Prenatal tobacco prevention and cessation interventions for women in low- and middle-income countries

Article (PDF Available)inActa Obstetricia Et Gynecologica Scandinavica 89(4):442-53 · March 2010with32 Reads
DOI: 10.3109/00016341003678450 · Source: PubMed
Although the prevalence of tobacco use is decreasing in many high-income countries, it is increasing in many low- and middle-income countries. The health and economic burden of increasing tobacco use and dependence is predictable and will have devastating effects in countries with limited resources, particularly for vulnerable populations such as pregnant women. We sought to review effective tobacco prevention and intervention strategies for decreasing tobacco use and secondhand smoke exposure before and during pregnancy in high-, middle-, and low-income countries. We reviewed several types of interventions, including population-level efforts (increasing tobacco prices, implementing tobacco control policies), community interventions, clinical interventions, and pharmacological treatments. A second purpose of this report is to present findings of an international expert working group that was convened to review the evidence and to establish research priorities in the following areas: (a) preventing the uptake and reducing tobacco use among girls and women of reproductive age; and (b) reducing tobacco use and secondhand smoke exposure among pregnant women. The working group considered the evidence on existing interventions in terms of burden of disease, intervention impact, intervention costs, feasibility of integration into existing services, uniqueness of the contribution, and overall feasibility. Finally, we present the working group's recommendations for intervention research priorities.
Acta Obstetricia et Gynecologica. 2010; 89: 442453
Prenatal tobacco prevention and cessation interventions for women in
low- and middle-income countries
Department of Medicine and Department of Obstetrics and Gynecology, University of Connecticut School of Medicine,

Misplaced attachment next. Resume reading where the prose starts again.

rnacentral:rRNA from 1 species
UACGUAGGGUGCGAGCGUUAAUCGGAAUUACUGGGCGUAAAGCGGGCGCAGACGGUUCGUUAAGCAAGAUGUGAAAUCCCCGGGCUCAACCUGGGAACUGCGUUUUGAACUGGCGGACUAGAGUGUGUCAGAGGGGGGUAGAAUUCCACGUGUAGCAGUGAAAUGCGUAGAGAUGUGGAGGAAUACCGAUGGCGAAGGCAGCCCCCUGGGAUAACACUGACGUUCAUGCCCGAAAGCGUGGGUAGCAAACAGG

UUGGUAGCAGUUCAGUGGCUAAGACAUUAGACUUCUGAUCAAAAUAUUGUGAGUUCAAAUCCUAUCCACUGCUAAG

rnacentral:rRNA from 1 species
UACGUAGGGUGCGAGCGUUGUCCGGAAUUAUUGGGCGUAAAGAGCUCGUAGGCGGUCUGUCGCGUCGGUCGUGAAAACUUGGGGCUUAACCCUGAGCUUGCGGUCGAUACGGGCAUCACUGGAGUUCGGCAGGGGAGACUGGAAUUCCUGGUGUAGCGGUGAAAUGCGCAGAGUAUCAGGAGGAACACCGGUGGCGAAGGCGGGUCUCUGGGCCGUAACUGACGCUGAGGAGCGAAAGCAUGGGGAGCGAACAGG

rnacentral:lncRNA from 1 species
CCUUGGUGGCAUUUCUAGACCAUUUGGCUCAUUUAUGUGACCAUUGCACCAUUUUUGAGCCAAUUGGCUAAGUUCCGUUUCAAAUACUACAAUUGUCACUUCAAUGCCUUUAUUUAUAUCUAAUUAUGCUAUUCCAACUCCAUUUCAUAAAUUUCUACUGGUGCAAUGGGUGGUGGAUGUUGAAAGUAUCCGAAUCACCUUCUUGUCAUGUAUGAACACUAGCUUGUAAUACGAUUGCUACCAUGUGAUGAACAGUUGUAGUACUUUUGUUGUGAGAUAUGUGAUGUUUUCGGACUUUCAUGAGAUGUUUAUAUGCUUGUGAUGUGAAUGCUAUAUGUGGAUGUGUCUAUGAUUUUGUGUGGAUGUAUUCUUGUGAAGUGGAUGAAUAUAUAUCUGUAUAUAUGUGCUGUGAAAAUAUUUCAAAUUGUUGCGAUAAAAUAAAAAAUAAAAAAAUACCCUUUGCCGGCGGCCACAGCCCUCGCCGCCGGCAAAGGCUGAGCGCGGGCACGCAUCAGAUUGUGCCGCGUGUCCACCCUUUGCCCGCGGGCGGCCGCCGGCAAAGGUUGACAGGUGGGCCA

Farmington, Connecticut, USA,
Division of Reproductive Health, Centers for Disease Control and Prevention, Atlanta,
Georgia, USA,
Department of Mother & Child Health Research, Institute for Clinical Effectiveness and Health Policy,
Buenos Aires, Argentina,
Department of Obstetrics and Gynecology, Oregon Health and Science University, Portland,
Oregon, USA,
Global Network for Perinatal and Reproductive Health, Portland, Oregon, USA,
Department of
Obstetrics and Gynecology , Thomas Jefferson University, Philadelphia, Pennsylvania, USA,
Department of Obstetrics
and Gynecology, Drexel University School of Medicine, Philadelphia, Pennsylvania, USA,
Division of Epidemiology and
Community Health, School of Public Health, University of Minnesota, Minneapolis, Minnesota, USA,
Keck School of
Medicine, University of Southern California, Los Angeles, California, USA, and
National Cancer Institute, Tobacco
Control Research Branch, Bethesda, Maryland, USA
Although the prevalence of tobacco use is decreasing in many high-income countries, it is increasing in many low- and middle-
income countries. The health and economic burden of increasing tobacco use and dependence is predictable and will have
devastating effects in countries with limited resources, particularly for vulnerable populations such as pregnant women. We
sought to review effective tobacco prevention and intervention strategies for decreasing tobacco use and secondhand smoke
exposure before and during pregnancy in high-, middle-, and low-income countries. We reviewed several types of interven-
tions, including population-level efforts (increasing tobacco prices, implementing tobacco control policies), community
interventions, clinical interventions, and pharmacological treatments.
A second purpose of this report is to present ndings of an international expert working group that was convened to review the
evidence and to establish research priorities in the following areas: (a) preventing the uptake and reducing tobacco use among
girls and women of reproductive age; and (b) reducing tobacco use and secondhand smoke exposure among pregnant women.
The working group considered the evidence on existing interventions in terms of burden of disease, intervention impact,
intervention costs, feasibility of integration into existing services, uniqueness of the contribution, and overall feasibility. Finally,
we present the working groups recommendations for intervention research priorities.
Key words: Global, tobacco, perinatal and reproductive health
Currently, an estimated 5.4 million people worldwide
die each year from tobacco use (1). In the course of
the next 30 years, tobacco-related deaths are expected
to increase to 8 million each year; 80% of these deaths